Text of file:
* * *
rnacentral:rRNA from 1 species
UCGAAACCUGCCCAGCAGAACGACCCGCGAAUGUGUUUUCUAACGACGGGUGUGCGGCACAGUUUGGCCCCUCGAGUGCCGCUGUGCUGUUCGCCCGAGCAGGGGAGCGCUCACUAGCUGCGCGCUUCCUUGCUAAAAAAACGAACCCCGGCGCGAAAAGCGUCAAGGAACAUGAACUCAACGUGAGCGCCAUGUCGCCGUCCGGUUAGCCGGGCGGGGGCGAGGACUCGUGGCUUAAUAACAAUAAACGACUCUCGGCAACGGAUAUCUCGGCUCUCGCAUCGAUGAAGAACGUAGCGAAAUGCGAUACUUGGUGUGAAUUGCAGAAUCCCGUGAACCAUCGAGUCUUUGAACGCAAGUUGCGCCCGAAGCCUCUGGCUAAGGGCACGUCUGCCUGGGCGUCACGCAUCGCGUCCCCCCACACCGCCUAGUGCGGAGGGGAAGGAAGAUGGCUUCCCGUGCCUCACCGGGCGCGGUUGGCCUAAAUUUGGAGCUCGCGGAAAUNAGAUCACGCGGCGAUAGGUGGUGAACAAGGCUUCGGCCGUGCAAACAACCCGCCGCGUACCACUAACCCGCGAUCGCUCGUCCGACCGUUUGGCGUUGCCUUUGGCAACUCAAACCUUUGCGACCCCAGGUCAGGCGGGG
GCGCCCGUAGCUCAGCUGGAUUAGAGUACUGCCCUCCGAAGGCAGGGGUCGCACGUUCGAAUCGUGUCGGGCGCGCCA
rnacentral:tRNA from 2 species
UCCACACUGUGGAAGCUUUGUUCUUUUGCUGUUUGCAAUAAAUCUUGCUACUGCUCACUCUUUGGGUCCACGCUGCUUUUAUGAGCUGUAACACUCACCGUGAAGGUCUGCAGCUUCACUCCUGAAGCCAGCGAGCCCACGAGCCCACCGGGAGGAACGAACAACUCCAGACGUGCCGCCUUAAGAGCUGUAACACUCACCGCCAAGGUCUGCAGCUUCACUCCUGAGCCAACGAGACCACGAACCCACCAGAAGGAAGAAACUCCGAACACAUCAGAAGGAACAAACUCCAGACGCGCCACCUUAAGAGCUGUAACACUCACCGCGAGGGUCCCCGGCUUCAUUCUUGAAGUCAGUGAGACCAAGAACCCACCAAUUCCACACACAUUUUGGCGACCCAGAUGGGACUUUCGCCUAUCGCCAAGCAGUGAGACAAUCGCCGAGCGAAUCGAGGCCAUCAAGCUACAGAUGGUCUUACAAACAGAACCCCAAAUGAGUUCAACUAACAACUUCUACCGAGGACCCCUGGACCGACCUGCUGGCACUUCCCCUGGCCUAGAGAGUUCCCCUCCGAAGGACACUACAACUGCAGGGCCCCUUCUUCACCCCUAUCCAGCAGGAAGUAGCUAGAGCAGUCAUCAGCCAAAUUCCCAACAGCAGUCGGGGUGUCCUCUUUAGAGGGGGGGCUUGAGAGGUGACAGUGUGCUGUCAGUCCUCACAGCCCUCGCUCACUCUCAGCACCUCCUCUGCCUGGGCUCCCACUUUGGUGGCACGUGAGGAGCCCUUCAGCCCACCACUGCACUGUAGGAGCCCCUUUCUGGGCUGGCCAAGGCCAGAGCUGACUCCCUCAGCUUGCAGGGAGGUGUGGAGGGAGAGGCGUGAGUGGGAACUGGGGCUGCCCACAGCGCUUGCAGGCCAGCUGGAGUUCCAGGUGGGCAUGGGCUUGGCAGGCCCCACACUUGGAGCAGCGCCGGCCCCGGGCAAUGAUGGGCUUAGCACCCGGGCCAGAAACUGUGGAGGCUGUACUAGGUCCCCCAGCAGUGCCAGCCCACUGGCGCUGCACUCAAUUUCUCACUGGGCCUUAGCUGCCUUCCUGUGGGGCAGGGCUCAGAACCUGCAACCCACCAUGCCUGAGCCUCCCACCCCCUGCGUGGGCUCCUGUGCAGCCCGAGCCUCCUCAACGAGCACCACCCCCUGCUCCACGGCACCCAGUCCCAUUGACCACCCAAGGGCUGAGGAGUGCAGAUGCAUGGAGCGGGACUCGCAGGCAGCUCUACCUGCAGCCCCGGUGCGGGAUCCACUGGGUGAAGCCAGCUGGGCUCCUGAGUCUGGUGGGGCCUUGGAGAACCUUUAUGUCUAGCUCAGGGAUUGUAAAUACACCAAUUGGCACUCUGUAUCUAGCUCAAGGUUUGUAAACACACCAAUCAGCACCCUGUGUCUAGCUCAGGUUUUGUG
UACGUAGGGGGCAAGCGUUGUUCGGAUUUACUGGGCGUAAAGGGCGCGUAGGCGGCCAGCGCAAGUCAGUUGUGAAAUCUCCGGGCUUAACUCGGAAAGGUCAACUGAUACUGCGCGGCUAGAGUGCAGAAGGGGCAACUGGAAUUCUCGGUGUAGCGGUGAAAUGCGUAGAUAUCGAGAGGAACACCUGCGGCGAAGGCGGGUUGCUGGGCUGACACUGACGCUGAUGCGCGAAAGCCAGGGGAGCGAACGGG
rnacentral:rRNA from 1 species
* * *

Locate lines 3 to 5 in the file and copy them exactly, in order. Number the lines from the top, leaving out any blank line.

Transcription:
GCGCCCGUAGCUCAGCUGGAUUAGAGUACUGCCCUCCGAAGGCAGGGGUCGCACGUUCGAAUCGUGUCGGGCGCGCCA
rnacentral:tRNA from 2 species
UCCACACUGUGGAAGCUUUGUUCUUUUGCUGUUUGCAAUAAAUCUUGCUACUGCUCACUCUUUGGGUCCACGCUGCUUUUAUGAGCUGUAACACUCACCGUGAAGGUCUGCAGCUUCACUCCUGAAGCCAGCGAGCCCACGAGCCCACCGGGAGGAACGAACAACUCCAGACGUGCCGCCUUAAGAGCUGUAACACUCACCGCCAAGGUCUGCAGCUUCACUCCUGAGCCAACGAGACCACGAACCCACCAGAAGGAAGAAACUCCGAACACAUCAGAAGGAACAAACUCCAGACGCGCCACCUUAAGAGCUGUAACACUCACCGCGAGGGUCCCCGGCUUCAUUCUUGAAGUCAGUGAGACCAAGAACCCACCAAUUCCACACACAUUUUGGCGACCCAGAUGGGACUUUCGCCUAUCGCCAAGCAGUGAGACAAUCGCCGAGCGAAUCGAGGCCAUCAAGCUACAGAUGGUCUUACAAACAGAACCCCAAAUGAGUUCAACUAACAACUUCUACCGAGGACCCCUGGACCGACCUGCUGGCACUUCCCCUGGCCUAGAGAGUUCCCCUCCGAAGGACACUACAACUGCAGGGCCCCUUCUUCACCCCUAUCCAGCAGGAAGUAGCUAGAGCAGUCAUCAGCCAAAUUCCCAACAGCAGUCGGGGUGUCCUCUUUAGAGGGGGGGCUUGAGAGGUGACAGUGUGCUGUCAGUCCUCACAGCCCUCGCUCACUCUCAGCACCUCCUCUGCCUGGGCUCCCACUUUGGUGGCACGUGAGGAGCCCUUCAGCCCACCACUGCACUGUAGGAGCCCCUUUCUGGGCUGGCCAAGGCCAGAGCUGACUCCCUCAGCUUGCAGGGAGGUGUGGAGGGAGAGGCGUGAGUGGGAACUGGGGCUGCCCACAGCGCUUGCAGGCCAGCUGGAGUUCCAGGUGGGCAUGGGCUUGGCAGGCCCCACACUUGGAGCAGCGCCGGCCCCGGGCAAUGAUGGGCUUAGCACCCGGGCCAGAAACUGUGGAGGCUGUACUAGGUCCCCCAGCAGUGCCAGCCCACUGGCGCUGCACUCAAUUUCUCACUGGGCCUUAGCUGCCUUCCUGUGGGGCAGGGCUCAGAACCUGCAACCCACCAUGCCUGAGCCUCCCACCCCCUGCGUGGGCUCCUGUGCAGCCCGAGCCUCCUCAACGAGCACCACCCCCUGCUCCACGGCACCCAGUCCCAUUGACCACCCAAGGGCUGAGGAGUGCAGAUGCAUGGAGCGGGACUCGCAGGCAGCUCUACCUGCAGCCCCGGUGCGGGAUCCACUGGGUGAAGCCAGCUGGGCUCCUGAGUCUGGUGGGGCCUUGGAGAACCUUUAUGUCUAGCUCAGGGAUUGUAAAUACACCAAUUGGCACUCUGUAUCUAGCUCAAGGUUUGUAAACACACCAAUCAGCACCCUGUGUCUAGCUCAGGUUUUGUG